A complex project

Mike Taylor
The Road Home
It's a very complex project. It's a huge project, the scope and scale of which has never been done before. So it took a lot of time to get it started on the front end.

TOM BEARDEN: Mike Taylor, who runs the Road Home program for the state of Louisiana, defends the program.

MIKE TAYLOR, The Road Home: It's a very complex project. It's a huge project, the scope and scale of which has never been done before. So it took a lot of time to get it started on the front end. We expected that. But, you know, now we're where we want to be. We're moving. And I think, ultimately, we will finish this program about a year earlier than was originally anticipated.

TOM BEARDEN: If things as you say are moving along, and speeding up, and people are getting the money that they deserve and need, why are so many people angry at the program?

MIKE TAYLOR: Well, you've got to realize this is probably the most emotional process anyone has ever gone through in their life. If you think of the fact that the home is the largest single investment that most families ever have, there are a lot of things that go into factoring that. And as I said earlier, we want to move this as quickly as possible, but recognize that we can't respond as quickly as everyone would like us to.

TOM BEARDEN: The state has received 180,000 applications from homeowners and hopes to have settled with half of them by the end of the year. As for the city, officials put several recovery plans on the table after the storm, but most were discarded because of political opposition of one sort or another.

ED BLAKELY, New Orleans Office of Recovery Management: Now, this is the kind of stuff we've really got to get rid of.

TOM BEARDEN: The latest blueprint comes from urban planner Dr. Ed Blakely, the city's so-called "Recovery Czar." He was hired by Mayor Ray Nagin at the beginning of this year to develop and implement a rebuilding plan for the city.

ED BLAKELY: The biggest challenge is really not the physical rebuilding; the biggest challenge is getting the people together. You know, there are underlying issues in the city, social issues, and we're trying to solve those issues as we rebuild.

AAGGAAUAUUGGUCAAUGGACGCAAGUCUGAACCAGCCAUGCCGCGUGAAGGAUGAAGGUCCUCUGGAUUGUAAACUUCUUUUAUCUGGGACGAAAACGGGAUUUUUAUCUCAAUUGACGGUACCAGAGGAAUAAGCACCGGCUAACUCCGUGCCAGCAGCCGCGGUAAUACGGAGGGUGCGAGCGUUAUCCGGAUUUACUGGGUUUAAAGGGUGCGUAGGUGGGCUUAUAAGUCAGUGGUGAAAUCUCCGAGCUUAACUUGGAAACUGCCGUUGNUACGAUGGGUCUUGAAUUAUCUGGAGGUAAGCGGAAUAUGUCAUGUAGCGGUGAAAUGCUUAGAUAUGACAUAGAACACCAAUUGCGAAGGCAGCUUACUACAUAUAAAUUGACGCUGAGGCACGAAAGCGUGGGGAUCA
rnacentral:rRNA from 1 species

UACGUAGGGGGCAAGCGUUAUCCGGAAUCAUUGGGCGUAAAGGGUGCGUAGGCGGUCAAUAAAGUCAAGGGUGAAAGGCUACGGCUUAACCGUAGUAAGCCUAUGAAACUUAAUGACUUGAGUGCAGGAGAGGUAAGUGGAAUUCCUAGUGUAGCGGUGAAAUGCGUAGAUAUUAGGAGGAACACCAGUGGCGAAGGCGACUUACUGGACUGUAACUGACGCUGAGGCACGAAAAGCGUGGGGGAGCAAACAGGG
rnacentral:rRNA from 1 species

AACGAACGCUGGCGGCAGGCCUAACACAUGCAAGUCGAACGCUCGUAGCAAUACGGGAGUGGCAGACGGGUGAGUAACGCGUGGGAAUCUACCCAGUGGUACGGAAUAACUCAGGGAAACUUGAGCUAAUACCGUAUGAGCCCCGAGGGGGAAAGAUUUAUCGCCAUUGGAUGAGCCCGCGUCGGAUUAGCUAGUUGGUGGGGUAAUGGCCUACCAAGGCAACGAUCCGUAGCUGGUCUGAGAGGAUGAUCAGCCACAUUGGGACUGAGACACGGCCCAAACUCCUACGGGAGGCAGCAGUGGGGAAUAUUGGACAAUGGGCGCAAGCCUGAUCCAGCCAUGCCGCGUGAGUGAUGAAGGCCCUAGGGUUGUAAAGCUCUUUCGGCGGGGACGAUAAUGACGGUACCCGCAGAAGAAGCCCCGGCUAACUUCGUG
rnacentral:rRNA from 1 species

TOM BEARDEN: What kind of issues do you mean?

ED BLAKELY: Well, we had, to be quite frank, poverty, intense poverty in this city. Race relations were not good, and you can't rebuild and leave those things in place. So what we're going to do is go into neighborhoods, and take three or four lots, fix them up, and that will have a ripple effect across the whole neighborhood.

TOM BEARDEN: Blakely wants to give people incentives to cluster on higher ground in 17 commercial areas and fill in those neighborhoods first. But K.C. King says the planners have waited too long, that individual homeowners have been forced to act on their own.

K.C. KING: So the people who are driving this recovery are individual decisionmakers. And if you can detect a pattern in what they're doing, if you can detect any, you know, planned activity, it's just not there. And so the planners are waiting way behind, saying, "Hey, wait for me." So their planning seems to have degenerated down into 17 commercial activities, and let the homeowners do whatever they will. So that's not what I call a success story.

TOM BEARDEN: But Blakely is an optimist. He even insists it's not going to be difficult to rebuild the Ninth Ward.

ED BLAKELY: We're going to go into the Ninth Ward and build entire neighborhoods out. So some of the properties we already own. We have some old parks and other things that we already own. And we're going to come back, and we're going to offer these people who lived in the Ninth Ward an opportunity to come into those places first.

Getting people off the streets

Ed Blakely
Office of Recovery Management
We just have to apply the money we have skillfully. The American people have been very generous to us, but the money that was supposed to leave Washington didn't, and those expectations are now being carried through.

TOM BEARDEN: While there seems to be some movement benefiting homeowners, there's little going on in the rental market. A severe shortage of affordable housing has had a huge impact on people who have the fewest resources.

HOMELESS ADVOCATE: Even the hotels are pretty high, yes.

TOM BEARDEN: Clarence White and Brennan Rhodes work for Unity of New Orleans, an advocacy group for the homeless.

HOMELESS ADVOCATE: I think the goal needs to be that we both get you guys healthy and get you off the streets.

HOMELESS CITIZEN OF NEW ORLEANS: That's what I want.

TOM BEARDEN: The homeless population has exploded because of the lack of public and low-income housing, according to Unity's executive director, Martha Kegel.

MARTHA KEGEL, Unity: We are seeing over 10,000 people now living in abandoned buildings as a result of the storm, plus another approximately 2,500 living in other homeless situations out on the street or in homeless housing. We're seeing people as old as 88 years old who are very disoriented living in abandoned housing.

TOM BEARDEN: Kegel says agencies like hers are running out of money and need outside help. Dr. Blakely says that initially the state and federal governments had not released all the money they promised for rebuilding housing, but he says that's starting to change, and he thinks the city has enough money to proceed with the broader recovery effort.

ED BLAKELY: I don't think we need more money. We just have to apply the money we have skillfully. The American people have been very generous to us, but the money that was supposed to leave Washington didn't, and those expectations are now being carried through. The money that was supposed to leave Baton Rouge didn't, but those expectations are now coming through.

So when the money comes, we have to use it well. We don't need more money now; we need more smarts.

TOM BEARDEN: Blakely says most of the neighborhood reconstruction programs should be complete within three years. He concedes that many New Orleanians who feel betrayed by two years of inaction will be hard to convince, but he says skeptics will see major progress in the next few months.